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Posts tagged Great Lakes

Impact Climate Change Will Have on New York State, USA

43.9N 77.2W

June 22nd, 2013 Category: Climate Change, Lakes AVHRRMetOp

USA and Canada – June 21st, 2013

Climate change in New York state may cause some initially positive effects for certain people, in general it is creating alarming issues. While the long-term outlook for grape-growers in the Finger Lakes region (lower right quadrant) is favorable, it is less than optimal for skiers and other winter sports enthusiasts in the Adirondacks. Fir and spruce trees are expected to die out in the Catskills, and New York City’s backup drinking water supply may well be contaminated as a result of seawater making its way farther up the Hudson River.

These possibilities — modeled deep into this century — are detailed in a new assessment of the impact that climate change will have in New York State. If carbon emissions continue to increase at their current pace, ttemperatures are expected to rise across the state by 3 degrees Fahrenheit by the 2020s and by as much as 9 degrees by the 2080s.

That would have profound effects on agriculture across the state. For example, none of the varieties of apples currently grown in New York orchards would be viable. Dairy farms would be less productive as cows faced heat stress. And the state’s forests would be transformed; spruce-fir forests and alpine tundra would disappear as invasive species like kudzu, an aggressive weed, gained more ground.

If the Greenland and West Antarctic ice sheets melt, as the report says could happen, the sea level could rise by as much as 55 inches, which means that beach communities would frequently be inundated by flooding. The effects of climate change would fall disproportionately on the poor and the disabled, since in coastal areas in New York City and along rivers in upstate New York there is a high amount of low-income housing that would be in the path of flooding (click here for more information).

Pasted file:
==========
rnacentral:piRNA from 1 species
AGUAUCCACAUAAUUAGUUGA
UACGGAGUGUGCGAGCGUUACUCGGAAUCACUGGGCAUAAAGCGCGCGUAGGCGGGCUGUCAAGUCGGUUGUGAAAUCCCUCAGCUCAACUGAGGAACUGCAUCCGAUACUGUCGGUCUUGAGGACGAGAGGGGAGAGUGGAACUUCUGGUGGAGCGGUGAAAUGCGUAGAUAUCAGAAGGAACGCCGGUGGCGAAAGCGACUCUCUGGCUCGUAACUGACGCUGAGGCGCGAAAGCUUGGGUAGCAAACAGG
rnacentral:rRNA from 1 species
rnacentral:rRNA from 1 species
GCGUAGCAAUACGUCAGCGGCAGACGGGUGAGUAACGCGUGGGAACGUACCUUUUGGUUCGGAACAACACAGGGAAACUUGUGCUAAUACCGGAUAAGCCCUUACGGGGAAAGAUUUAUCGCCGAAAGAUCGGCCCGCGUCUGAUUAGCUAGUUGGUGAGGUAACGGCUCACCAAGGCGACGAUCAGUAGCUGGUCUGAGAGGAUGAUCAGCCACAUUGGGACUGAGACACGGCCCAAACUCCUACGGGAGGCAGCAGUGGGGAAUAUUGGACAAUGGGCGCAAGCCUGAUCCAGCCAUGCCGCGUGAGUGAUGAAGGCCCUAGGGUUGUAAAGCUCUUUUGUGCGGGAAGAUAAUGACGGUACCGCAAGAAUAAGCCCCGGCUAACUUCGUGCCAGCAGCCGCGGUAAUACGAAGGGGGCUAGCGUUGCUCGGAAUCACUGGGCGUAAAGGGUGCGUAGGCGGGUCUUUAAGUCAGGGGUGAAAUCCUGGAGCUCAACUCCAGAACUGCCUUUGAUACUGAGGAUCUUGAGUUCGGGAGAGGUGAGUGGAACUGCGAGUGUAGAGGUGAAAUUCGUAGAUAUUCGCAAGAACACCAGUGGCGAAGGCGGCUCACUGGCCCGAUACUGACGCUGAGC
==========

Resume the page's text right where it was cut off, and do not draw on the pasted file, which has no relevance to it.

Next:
Lake Superior Feeling the Heat: Climate Change and the Great Lakes of North America

47.0N 86.3W

June 14th, 2013 Category: Lakes AVHRRMetOp

USA and Canada – June 14th, 2013

The Great Lakes are feeling the heat from climate change. As the world’s largest freshwater system warms, it is poised to systematically alter life for local wildlife and the tribes that depend on it, and the warming could also provide a glimpse of what is happening on a more global level.

Total ice cover on Lake Superior (center), which is the largest, deepest and coldest of the five lakes, has shrunk by about 20 percent over the past 37 years. Though the change has made for longer, warmer summers, it’s a problem because ice is crucial for keeping water from evaporating and it regulates the natural cycles of the Great Lakes (click here for more information).

 

Urban Sprawl in the Great Lakes Region, USA – May 31st, 2013

42.3N 83W

May 31st, 2013 Category: Image of the day

USA – May 30th, 2013

Urban sprawl can be generally defined as wide-spread, low-density development that consists primarily of strip commercial developments, such as malls and large office buildings, and housing subdivisions connected by new, wide roads and boulevards. The subdivisions are set apart from other development and built within a specific price range, and people are dependant on their cars to get them from one place to another. With sprawl, fewer people occupy more land and as the people spread out, so do the buildings, roads and houses.